Food is a substantial part of household expenses in developing economies, and in many of the latter foreign aid and remittances from emigrants provide a substantial part of national income. As world food prices have been subject to large fluctuations lately, causing much grief and even riots, it is natural to ask whether aid and remittances can provide some smoothing against the effects of these fluctuations.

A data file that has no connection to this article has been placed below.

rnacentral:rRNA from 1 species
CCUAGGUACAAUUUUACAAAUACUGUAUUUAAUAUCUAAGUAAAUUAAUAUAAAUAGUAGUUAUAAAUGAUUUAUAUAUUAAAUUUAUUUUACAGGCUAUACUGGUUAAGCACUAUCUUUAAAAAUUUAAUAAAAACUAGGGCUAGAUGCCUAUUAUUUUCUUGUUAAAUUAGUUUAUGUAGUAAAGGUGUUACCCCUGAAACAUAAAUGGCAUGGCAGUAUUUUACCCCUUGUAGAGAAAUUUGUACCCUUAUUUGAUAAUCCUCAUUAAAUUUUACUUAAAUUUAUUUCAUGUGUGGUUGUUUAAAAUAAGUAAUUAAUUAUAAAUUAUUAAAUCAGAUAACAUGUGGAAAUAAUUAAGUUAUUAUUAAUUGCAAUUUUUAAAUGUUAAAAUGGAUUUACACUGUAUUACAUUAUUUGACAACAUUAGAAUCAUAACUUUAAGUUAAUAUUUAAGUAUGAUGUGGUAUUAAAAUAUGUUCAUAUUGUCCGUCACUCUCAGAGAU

Jean-Louis Combes, Christian Ebeke, Mireille Ntsama Etoundi and Thierry Yogo use a cross-country panel data set to study this question. First, they confirm that food fluctuations have a notable impact on aggregate consumption, especially in the poorest economies. Second they find that aid and remittances do help, and remittances seem to be more efficient at hedging. Indeed, an aid-to-GDP ratio of 29% is theoretically necessary to absorb food price fluctuations, while 9% is sufficient is for remittances. Only Mozambique and Nicaragua satisfy the first, while a few more countries satisfy the second.